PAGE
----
Server Fault is a question and answer site for system and network administrators. It's 100% free, no registration required.

Sign up
Here's how it works:
  1. Anybody can ask a question
  2. Anybody can answer
  3. The best answers are voted up and rise to the top

On my local machine (i7 9200) running Debian Wheezy amd64 I can get some significant speedups on some "big data"/HPC type stuff by:

  • Following the instructions here to reserve some RAM for huge pages and setting up hugetlbfs.
  • Running my application using libhugetlbfs' (2.17) nifty HUGETLB_MORECORE=yes to redirect its mallocs to 2M pages.

The application also runs reasonably well on Debian Wheezy on EC2 (I'm using latest wheezy AMI) with normal 4k pages (some scalabilty testing tried on c3.2xlarge, c3.4xlarge and c3.8xlarge instances). But I'm curious to also see whether I see similar benefits using huge pages on EC2, if it's possible.

I fired up a c3.3xlarge instance and set up huge pages as usual. And after that /proc/meminfo does indeed report

HugePages_Total:    4096
HugePages_Free:     4095

However after compiling libhugetlbfs, it's make func self-testing triggers some kernel errors. The system soon after seems to lock up, but not before I'd had time to inspect dmesg and see a bunch of call stacks with various xen_ and hugetlb_fault symbols in them. Once it became unresponsive, system needed a forcible stop from the AWS console to get it to halt.

I did try booting up again and just running my app with HUGETLB_MORECORE=yes anyway (in case the make func testing was breaking on something obscure I didn't actually need), but much the same thing happened again.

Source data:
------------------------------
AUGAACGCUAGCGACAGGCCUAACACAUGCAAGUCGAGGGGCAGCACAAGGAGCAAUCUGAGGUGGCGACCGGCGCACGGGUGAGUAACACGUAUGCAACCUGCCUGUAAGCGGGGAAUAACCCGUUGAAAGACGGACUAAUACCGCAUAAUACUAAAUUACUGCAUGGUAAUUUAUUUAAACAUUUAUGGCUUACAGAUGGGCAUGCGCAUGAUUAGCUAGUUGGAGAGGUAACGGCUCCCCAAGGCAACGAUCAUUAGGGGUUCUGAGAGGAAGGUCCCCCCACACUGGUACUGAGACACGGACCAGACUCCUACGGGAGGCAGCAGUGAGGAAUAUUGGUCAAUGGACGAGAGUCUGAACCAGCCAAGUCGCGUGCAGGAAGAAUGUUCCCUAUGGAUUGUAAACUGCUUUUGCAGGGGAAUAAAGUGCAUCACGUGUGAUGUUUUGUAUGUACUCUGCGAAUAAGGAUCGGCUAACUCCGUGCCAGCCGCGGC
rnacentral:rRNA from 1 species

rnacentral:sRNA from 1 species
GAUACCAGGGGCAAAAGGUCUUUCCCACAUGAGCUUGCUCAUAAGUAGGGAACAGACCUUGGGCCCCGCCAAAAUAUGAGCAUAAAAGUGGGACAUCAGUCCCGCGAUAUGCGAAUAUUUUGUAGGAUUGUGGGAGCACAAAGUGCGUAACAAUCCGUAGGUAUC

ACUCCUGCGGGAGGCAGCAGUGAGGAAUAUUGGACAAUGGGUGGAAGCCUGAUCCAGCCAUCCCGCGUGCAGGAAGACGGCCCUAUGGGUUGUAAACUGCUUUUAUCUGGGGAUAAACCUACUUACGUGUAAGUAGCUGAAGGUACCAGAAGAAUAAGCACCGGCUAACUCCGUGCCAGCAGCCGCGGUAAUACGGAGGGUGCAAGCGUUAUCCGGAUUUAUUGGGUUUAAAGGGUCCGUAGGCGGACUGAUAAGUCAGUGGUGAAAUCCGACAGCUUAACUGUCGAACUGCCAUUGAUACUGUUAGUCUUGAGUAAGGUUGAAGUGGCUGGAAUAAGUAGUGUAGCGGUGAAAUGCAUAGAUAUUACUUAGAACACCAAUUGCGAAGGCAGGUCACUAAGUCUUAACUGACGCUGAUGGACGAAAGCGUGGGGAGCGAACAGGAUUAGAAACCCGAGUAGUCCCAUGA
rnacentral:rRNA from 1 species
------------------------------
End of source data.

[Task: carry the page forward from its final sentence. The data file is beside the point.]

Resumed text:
Any success stories with libhugetlbfs on EC2 (preferably with Debian), or recipes for getting it working correctly ?

Research: there's scant googleable info about huge pages on EC2 (or Xen) out there. I did find this, which seems to report the same problem: /proc/meminfo reports hugepages available, but attempting to use them kernel panics. Article predates the new c3 instances but suggests a cc2.8xlarge might be worth a go due to it using HVM instead of PVM.

Update: couldn't find an up-to-date Debian AMI for HVM, but tried an Ubuntu one (13.04 "raring") on a cc2.8xlarge and libhugetlbfs and HUGETLB_MORECORE=yes does seem to work fine on that. The only thing is, it actually slows my application down a little!

share|improve this question
The documentation I've found from Red Hat states: hugepages cannot be used in a paravirtualized XEN guest. RHEL 5 doesn't have this feature enabled. If vm.nr_hugepages is set in RHEL 6 the pages can be allocated, but as soon as they are used the paravirtualized guest will crash. hugepages can be used in a fully virtualized (HVM) XEN guest as well as in a KVM environment. – sciurus Nov 24 '13 at 18:44
Is that basically a limitation of PVM and Xen forever, end of story, or could it in principle be got to work with the right kernel, an up-to-date-enough Xen host/guest or something? – timday Nov 24 '13 at 19:36

Your Answer


By posting your answer, you agree to the privacy policy and terms of service.

Browse other questions tagged or ask your own question.